How to Set Up a Preventive Maintenance Plan

A recent study from Jones Lang LaSalle found that on average preventive maintenance results in a 545% return on investment. With a ROI like this, you simply can’t afford not to have a preventive maintenance plan in place.

Step 1. Get The Right People on Board

Before you begin to organize your preventive maintenance plan, you need to have the right people on board with the plan. Include top management, maintenance managers, maintenance technicians, and any other staff who understands the way your system operates. This could include people from data processing, accounting, craftsmen, and members of production and production control.

You may not need input from each of these people at every step of the process, but it’s important to have them on board and kept up to date so you can get important feedback as you go.

Step 2. Set Goals For Your Preventive Maintenance Plan

Using your task force’s input, set goals you hope to achieve using the system. Begin training your task force on the computer skills they’ll need when your preventive maintenance plan goes into full effect.

Step 3. Inventory The Equipment and Assets

Go through your facility and inventory all the equipment you’re considering including in your preventive maintenance plan, tagging the equipment as you go. Create a list of all the assets you have responsibility for. Record the following details as you go, and keep in mind that this process is much easier to carry out and organized with the assistance of a good preventive maintenance software program.

  • Make and model of the equipment
  • Serial number
  • Basic specification and capabilities
  • Asset number, brass tag number, or unit number
  • Category (HVAC, plumbing, etc)
  • The location of the equipment
  • The department who holds responsibility
  • Any high cost items of the asset

This information will help you later track costs and help determine whether a piece of equipment needs to be replaced now.

Take note of the equipment’s current condition, and rate its level of priority in relation to your overall operation.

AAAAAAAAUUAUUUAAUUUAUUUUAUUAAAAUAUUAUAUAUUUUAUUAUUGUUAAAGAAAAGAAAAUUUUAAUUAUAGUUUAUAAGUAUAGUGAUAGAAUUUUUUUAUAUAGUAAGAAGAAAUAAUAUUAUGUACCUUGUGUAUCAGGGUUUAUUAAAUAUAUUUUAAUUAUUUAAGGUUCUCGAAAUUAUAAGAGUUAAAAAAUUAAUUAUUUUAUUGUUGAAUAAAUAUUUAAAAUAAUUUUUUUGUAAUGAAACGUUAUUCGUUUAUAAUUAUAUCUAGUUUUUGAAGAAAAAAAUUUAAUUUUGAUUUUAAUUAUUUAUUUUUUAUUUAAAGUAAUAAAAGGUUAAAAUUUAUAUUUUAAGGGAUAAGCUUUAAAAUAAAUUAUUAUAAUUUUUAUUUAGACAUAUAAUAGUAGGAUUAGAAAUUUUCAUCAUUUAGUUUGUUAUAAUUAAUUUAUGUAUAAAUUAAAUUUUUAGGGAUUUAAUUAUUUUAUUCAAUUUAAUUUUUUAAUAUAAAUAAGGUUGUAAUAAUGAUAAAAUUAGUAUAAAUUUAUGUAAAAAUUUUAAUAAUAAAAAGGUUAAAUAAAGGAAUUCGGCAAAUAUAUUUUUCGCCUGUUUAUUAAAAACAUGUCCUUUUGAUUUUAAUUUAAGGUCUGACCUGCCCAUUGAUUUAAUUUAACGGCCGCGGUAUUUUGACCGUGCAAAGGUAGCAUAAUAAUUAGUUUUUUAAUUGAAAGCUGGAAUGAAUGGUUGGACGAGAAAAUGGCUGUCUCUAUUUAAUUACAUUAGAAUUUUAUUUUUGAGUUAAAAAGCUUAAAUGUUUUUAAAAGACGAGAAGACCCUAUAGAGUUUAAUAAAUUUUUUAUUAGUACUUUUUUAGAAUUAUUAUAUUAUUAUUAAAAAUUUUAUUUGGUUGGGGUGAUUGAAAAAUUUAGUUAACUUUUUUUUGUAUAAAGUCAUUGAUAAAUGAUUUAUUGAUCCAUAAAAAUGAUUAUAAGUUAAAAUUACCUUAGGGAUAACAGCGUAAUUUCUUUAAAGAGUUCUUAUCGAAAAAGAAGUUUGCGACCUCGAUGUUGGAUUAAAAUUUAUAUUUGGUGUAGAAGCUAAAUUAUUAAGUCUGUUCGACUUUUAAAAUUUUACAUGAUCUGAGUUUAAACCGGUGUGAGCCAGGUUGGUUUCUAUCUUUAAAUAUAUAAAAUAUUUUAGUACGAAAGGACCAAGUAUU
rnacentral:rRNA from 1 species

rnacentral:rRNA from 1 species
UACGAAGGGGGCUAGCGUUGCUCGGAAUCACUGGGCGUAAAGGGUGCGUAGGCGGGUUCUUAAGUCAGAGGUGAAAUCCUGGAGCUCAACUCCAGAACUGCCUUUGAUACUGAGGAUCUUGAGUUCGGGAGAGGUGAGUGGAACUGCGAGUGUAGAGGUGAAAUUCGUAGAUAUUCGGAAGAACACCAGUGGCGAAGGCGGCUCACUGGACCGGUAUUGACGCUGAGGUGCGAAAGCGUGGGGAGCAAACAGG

Step 4. Make Decisions

What is the health status of each piece of equipment? You can determine this by asking these questions:

  • Is it operating to manufacturers’ specifications?
  • Is it a high priority asset?

Once you’ve used these questions to analyze your equipment and have determined your highest priority asset, determine how your assets are performing and set a reasonable operational goal. Keep in mind that no system will ever run at a 100% average capacity. Compare your system’s actual performance to your operational goals to determine which systems need the most attention.

It is important to remember that not every piece of equipment should be added to your preventive maintenance plan. Some equipment is just too old and worn out, and reactive maintenance may actually be a more cost-efficient method in these cases. Look at the cost of repairs or replacement, how often this maintenance is typically performed, and what level of priority the equipment has.

Then create a task list per piece of equipment. Include approximate labor time and skill level required for each task in the plan. If you’re going to need parts for the task, make sure you budget for it and plan for delivery time.

A good candidate for inclusion in your preventive maintenance plan will have the following characteristics:

  • The repair/replacements costs are high
  • Maintenance has to be performed routinely
  • The equipment is critical to your company’s success

You’ll find that some items are better left to be replaced or repaired once they break. If so, make sure to schedule modernization of those units. If possible, plan to retire bad units. It is a good idea to actually leave bad units off the system since nothing will be done for them between inspections.